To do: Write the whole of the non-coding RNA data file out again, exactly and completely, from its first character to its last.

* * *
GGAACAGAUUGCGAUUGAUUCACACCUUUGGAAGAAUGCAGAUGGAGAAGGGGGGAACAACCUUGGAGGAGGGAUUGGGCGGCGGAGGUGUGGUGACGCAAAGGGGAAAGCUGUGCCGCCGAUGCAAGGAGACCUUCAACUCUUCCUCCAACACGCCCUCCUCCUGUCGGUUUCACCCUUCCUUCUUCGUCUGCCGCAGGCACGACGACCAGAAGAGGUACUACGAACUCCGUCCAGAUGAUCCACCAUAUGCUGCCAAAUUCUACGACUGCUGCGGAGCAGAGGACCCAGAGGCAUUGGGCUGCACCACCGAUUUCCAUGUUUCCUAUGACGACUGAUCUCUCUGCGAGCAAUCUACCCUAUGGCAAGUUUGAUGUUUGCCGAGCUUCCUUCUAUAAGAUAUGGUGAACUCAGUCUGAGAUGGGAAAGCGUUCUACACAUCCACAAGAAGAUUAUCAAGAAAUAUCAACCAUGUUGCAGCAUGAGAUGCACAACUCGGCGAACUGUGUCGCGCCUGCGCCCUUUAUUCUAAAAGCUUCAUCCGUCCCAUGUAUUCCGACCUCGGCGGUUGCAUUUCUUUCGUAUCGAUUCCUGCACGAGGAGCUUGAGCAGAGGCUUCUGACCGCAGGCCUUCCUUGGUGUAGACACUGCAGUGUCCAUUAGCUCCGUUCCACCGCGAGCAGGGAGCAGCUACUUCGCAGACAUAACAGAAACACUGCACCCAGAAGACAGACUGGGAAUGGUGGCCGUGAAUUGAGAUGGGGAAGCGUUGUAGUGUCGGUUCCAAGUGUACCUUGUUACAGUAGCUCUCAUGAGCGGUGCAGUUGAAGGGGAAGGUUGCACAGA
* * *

GGAACAGAUUGCGAUUGAUUCACACCUUUGGAAGAAUGCAGAUGGAGAAGGGGGGAACAACCUUGGAGGAGGGAUUGGGCGGCGGAGGUGUGGUGACGCAAAGGGGAAAGCUGUGCCGCCGAUGCAAGGAGACCUUCAACUCUUCCUCCAACACGCCCUCCUCCUGUCGGUUUCACCCUUCCUUCUUCGUCUGCCGCAGGCACGACGACCAGAAGAGGUACUACGAACUCCGUCCAGAUGAUCCACCAUAUGCUGCCAAAUUCUACGACUGCUGCGGAGCAGAGGACCCAGAGGCAUUGGGCUGCACCACCGAUUUCCAUGUUUCCUAUGACGACUGAUCUCUCUGCGAGCAAUCUACCCUAUGGCAAGUUUGAUGUUUGCCGAGCUUCCUUCUAUAAGAUAUGGUGAACUCAGUCUGAGAUGGGAAAGCGUUCUACACAUCCACAAGAAGAUUAUCAAGAAAUAUCAACCAUGUUGCAGCAUGAGAUGCACAACUCGGCGAACUGUGUCGCGCCUGCGCCCUUUAUUCUAAAAGCUUCAUCCGUCCCAUGUAUUCCGACCUCGGCGGUUGCAUUUCUUUCGUAUCGAUUCCUGCACGAGGAGCUUGAGCAGAGGCUUCUGACCGCAGGCCUUCCUUGGUGUAGACACUGCAGUGUCCAUUAGCUCCGUUCCACCGCGAGCAGGGAGCAGCUACUUCGCAGACAUAACAGAAACACUGCACCCAGAAGACAGACUGGGAAUGGUGGCCGUGAAUUGAGAUGGGGAAGCGUUGUAGUGUCGGUUCCAAGUGUACCUUGUUACAGUAGCUCUCAUGAGCGGUGCAGUUGAAGGGGAAGGUUGCACAGA